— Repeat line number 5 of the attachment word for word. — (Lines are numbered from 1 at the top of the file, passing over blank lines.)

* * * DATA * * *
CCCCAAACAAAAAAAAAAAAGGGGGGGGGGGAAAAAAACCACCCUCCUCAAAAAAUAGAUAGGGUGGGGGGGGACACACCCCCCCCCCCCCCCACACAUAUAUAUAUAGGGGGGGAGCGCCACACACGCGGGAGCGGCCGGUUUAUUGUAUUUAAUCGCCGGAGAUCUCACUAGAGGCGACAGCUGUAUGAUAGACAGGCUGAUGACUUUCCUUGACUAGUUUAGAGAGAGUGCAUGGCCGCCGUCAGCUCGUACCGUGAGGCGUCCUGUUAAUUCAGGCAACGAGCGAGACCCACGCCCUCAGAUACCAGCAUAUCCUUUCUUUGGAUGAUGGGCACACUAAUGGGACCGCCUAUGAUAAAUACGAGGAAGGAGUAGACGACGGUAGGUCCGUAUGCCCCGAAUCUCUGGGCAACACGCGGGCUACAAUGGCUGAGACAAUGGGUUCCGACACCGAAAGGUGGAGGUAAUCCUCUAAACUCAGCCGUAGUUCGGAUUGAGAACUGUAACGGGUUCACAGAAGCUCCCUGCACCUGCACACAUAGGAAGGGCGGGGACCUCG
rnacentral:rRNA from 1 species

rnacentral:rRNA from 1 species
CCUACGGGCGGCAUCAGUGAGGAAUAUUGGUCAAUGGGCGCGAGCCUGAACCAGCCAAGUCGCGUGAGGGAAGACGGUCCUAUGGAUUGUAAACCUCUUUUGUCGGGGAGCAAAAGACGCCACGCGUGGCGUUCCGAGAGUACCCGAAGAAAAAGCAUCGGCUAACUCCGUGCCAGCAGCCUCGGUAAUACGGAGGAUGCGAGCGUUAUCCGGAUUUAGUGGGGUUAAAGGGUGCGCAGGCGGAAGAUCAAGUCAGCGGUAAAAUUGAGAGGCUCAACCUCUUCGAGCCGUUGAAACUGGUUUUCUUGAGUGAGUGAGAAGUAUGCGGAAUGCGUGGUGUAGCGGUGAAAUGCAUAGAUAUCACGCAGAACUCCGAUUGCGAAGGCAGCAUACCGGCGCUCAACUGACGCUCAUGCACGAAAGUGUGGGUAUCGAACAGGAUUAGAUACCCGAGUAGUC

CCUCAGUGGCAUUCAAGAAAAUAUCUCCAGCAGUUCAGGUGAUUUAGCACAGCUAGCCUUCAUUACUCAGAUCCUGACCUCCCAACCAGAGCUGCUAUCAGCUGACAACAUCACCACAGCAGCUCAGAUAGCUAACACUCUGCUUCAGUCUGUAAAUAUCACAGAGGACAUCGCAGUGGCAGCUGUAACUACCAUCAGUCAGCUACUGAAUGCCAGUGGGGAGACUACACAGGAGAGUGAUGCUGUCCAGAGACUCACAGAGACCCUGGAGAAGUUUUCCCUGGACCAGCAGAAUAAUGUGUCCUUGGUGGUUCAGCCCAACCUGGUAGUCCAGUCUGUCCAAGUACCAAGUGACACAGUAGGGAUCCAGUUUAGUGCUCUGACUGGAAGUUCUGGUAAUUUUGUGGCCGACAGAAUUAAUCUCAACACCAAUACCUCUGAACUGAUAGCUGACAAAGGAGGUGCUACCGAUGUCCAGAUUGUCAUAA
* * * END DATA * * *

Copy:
CCUCAGUGGCAUUCAAGAAAAUAUCUCCAGCAGUUCAGGUGAUUUAGCACAGCUAGCCUUCAUUACUCAGAUCCUGACCUCCCAACCAGAGCUGCUAUCAGCUGACAACAUCACCACAGCAGCUCAGAUAGCUAACACUCUGCUUCAGUCUGUAAAUAUCACAGAGGACAUCGCAGUGGCAGCUGUAACUACCAUCAGUCAGCUACUGAAUGCCAGUGGGGAGACUACACAGGAGAGUGAUGCUGUCCAGAGACUCACAGAGACCCUGGAGAAGUUUUCCCUGGACCAGCAGAAUAAUGUGUCCUUGGUGGUUCAGCCCAACCUGGUAGUCCAGUCUGUCCAAGUACCAAGUGACACAGUAGGGAUCCAGUUUAGUGCUCUGACUGGAAGUUCUGGUAAUUUUGUGGCCGACAGAAUUAAUCUCAACACCAAUACCUCUGAACUGAUAGCUGACAAAGGAGGUGCUACCGAUGUCCAGAUUGUCAUAA